- Why does the Township plow curb to curb? Curb to curb plowing is done for several reasons. First is safety. Curb to curb plowing allows for the largest amount of roadway to be maintained and open for travel. It also enables there to be adequate space to place additional snow in the event of a second or third storm. Curb to curb plowing is also critical to allow drains to remain accessible so when the snow starts melting it finds its way into the storm sewer rather than flooding lawns and homes.
Because plowing will inevitably push snow towards driveways to clear the roadway, residents are respectfully asked to wait until after a storm event is over and their street is plowed to shovel. This will all but eliminate the chance of having to shovel your property and sidewalk clear more than once.
- Why should I remove my car from the street when it snows? The snow plow can more effectively and efficiently remove snow during a storm if the street is clear. Not only will your street be better plowed and more accessible, but the plows can move more quickly enabling your neighborhood to be cleared faster. It also eliminates the chance of any vehicular damage during a storm.
Overall, moving a car from the roadway makes the street safer for all travelers as it reduces the amount of residual snow and ice on the roadway after a storm. If you do leave your car in the street, please be sure to shovel the snow around and on your car off of the street. Leaving the snow in the roadway may result in icy conditions and make the roadway unsafe for your family and neighbors. Please remember, “where the snow lays is where it will stay.” Please DO NOT push or shovel snow into cleared streets or sidewalks.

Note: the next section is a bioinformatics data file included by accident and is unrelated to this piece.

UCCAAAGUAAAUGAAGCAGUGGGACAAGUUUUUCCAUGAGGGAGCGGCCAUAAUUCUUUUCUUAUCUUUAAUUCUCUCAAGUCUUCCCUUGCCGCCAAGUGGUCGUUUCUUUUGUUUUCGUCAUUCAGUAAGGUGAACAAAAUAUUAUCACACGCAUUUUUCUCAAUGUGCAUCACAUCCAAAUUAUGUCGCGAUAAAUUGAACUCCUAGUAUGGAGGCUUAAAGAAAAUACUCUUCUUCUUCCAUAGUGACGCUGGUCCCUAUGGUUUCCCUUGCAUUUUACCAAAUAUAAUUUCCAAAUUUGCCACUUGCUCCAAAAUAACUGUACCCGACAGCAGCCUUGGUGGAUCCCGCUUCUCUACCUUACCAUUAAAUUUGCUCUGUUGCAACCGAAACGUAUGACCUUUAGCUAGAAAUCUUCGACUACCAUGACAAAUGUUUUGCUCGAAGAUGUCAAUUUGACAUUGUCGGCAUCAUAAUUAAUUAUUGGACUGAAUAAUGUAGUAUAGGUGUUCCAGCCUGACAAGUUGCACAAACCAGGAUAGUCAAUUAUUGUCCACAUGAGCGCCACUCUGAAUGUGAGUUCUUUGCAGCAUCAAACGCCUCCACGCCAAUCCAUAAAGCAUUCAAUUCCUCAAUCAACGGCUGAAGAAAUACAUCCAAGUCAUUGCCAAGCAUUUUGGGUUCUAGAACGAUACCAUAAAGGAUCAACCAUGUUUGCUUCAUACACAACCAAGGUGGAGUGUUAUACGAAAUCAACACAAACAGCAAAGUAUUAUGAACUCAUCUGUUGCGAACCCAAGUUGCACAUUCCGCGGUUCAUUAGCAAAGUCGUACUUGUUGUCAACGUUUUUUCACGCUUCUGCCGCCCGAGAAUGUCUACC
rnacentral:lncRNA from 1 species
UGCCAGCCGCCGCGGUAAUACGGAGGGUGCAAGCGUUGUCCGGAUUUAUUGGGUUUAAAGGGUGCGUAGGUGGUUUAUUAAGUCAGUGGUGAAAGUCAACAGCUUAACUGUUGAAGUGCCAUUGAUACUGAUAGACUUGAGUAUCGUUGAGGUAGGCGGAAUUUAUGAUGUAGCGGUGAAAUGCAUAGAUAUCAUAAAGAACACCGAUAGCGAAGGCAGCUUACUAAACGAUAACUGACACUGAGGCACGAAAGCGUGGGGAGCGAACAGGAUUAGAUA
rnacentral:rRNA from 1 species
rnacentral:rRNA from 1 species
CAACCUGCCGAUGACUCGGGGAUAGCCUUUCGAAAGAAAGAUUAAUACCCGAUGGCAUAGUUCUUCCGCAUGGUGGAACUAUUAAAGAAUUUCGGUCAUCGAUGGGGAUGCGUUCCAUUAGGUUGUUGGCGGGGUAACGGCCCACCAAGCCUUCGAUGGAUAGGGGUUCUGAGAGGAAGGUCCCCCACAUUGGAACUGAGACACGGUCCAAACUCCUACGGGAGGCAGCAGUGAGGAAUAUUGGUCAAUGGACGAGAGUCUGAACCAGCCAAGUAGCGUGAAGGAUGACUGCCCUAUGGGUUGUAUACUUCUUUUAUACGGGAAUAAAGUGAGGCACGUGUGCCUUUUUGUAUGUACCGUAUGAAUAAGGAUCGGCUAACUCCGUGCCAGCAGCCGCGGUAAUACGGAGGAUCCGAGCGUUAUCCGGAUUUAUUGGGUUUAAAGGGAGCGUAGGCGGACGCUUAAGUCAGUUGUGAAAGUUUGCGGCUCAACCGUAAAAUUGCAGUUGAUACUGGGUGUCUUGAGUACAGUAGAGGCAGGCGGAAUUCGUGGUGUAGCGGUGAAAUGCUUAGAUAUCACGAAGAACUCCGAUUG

- Will my trash be collected if there is a snow storm or snow emergency? Yes. Trash collection will occur as usual unless otherwise announced.
- Do not drive unnecessarily in a storm, especially during severe snowstorms and freezing rains.
- Where at all possible, citizens should park their vehicles off the street and remove vehicles from the roadside shoulder to enable snow plows to clear the roadways. This is especially critical during heavy snow storms. Citizens are also requested not to park their vehicles at the end of their driveways projecting out into right of way. During heavy snow storms these vehicles can become hidden and damaged by snow plows clearing your street.
- Do not shovel snow into the road or have your driveway plowed into the road. This can cause a serious traffic hazard. If possible, place snow on the side of your driveway opposite the direction the plow is traveling. By implementing this technique, the plow will push snow away from your driveway rather than back into it. Plowing or shoveling snow into streets is prohibited as it interferes with the use of these passageways.
- Snow plows cannot lift and carry snow from one area to another. The plow pushes the snow. The driver places it in an area most suitable to expedite the plowing, and opening the roads for the majority of residents in the most timely manner.
- If possible, wait until the road has been plowed before cleaning out the end of your driveway. There is no practical way to plow the road without depositing snow into your driveway.
- Help reduce the possibility of some broken mailbox posts. Plow operators are urged to take precautions to avoid hitting mailbox posts. Experience has shown that reduced visibility during a snow storm makes it difficult for a driver to see a post in time to avoid striking it or pushing it over with plowed snow.